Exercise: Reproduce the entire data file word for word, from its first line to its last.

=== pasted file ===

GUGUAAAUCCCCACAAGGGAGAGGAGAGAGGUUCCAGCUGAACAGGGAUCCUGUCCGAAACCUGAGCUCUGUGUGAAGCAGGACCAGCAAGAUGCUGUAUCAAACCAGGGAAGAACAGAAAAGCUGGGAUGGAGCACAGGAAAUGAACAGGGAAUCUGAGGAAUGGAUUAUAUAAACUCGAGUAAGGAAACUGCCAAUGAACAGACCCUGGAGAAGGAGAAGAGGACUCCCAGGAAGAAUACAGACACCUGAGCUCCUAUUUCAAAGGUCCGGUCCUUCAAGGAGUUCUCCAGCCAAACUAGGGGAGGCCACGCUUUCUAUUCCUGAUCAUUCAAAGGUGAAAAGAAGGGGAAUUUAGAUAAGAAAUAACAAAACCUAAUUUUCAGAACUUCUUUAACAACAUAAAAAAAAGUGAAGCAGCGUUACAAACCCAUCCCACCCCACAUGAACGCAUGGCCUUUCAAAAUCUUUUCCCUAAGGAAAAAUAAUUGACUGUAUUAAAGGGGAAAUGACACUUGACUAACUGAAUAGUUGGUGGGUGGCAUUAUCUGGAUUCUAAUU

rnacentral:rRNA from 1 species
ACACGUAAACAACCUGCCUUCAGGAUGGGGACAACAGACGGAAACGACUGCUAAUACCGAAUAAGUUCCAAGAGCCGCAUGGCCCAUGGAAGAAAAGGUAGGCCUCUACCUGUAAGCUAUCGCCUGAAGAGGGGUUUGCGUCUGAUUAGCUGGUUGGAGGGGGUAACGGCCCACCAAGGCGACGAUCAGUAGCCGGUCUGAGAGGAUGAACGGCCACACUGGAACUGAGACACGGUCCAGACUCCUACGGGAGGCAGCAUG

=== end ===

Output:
GUGUAAAUCCCCACAAGGGAGAGGAGAGAGGUUCCAGCUGAACAGGGAUCCUGUCCGAAACCUGAGCUCUGUGUGAAGCAGGACCAGCAAGAUGCUGUAUCAAACCAGGGAAGAACAGAAAAGCUGGGAUGGAGCACAGGAAAUGAACAGGGAAUCUGAGGAAUGGAUUAUAUAAACUCGAGUAAGGAAACUGCCAAUGAACAGACCCUGGAGAAGGAGAAGAGGACUCCCAGGAAGAAUACAGACACCUGAGCUCCUAUUUCAAAGGUCCGGUCCUUCAAGGAGUUCUCCAGCCAAACUAGGGGAGGCCACGCUUUCUAUUCCUGAUCAUUCAAAGGUGAAAAGAAGGGGAAUUUAGAUAAGAAAUAACAAAACCUAAUUUUCAGAACUUCUUUAACAACAUAAAAAAAAGUGAAGCAGCGUUACAAACCCAUCCCACCCCACAUGAACGCAUGGCCUUUCAAAAUCUUUUCCCUAAGGAAAAAUAAUUGACUGUAUUAAAGGGGAAAUGACACUUGACUAACUGAAUAGUUGGUGGGUGGCAUUAUCUGGAUUCUAAUU

rnacentral:rRNA from 1 species
ACACGUAAACAACCUGCCUUCAGGAUGGGGACAACAGACGGAAACGACUGCUAAUACCGAAUAAGUUCCAAGAGCCGCAUGGCCCAUGGAAGAAAAGGUAGGCCUCUACCUGUAAGCUAUCGCCUGAAGAGGGGUUUGCGUCUGAUUAGCUGGUUGGAGGGGGUAACGGCCCACCAAGGCGACGAUCAGUAGCCGGUCUGAGAGGAUGAACGGCCACACUGGAACUGAGACACGGUCCAGACUCCUACGGGAGGCAGCAUG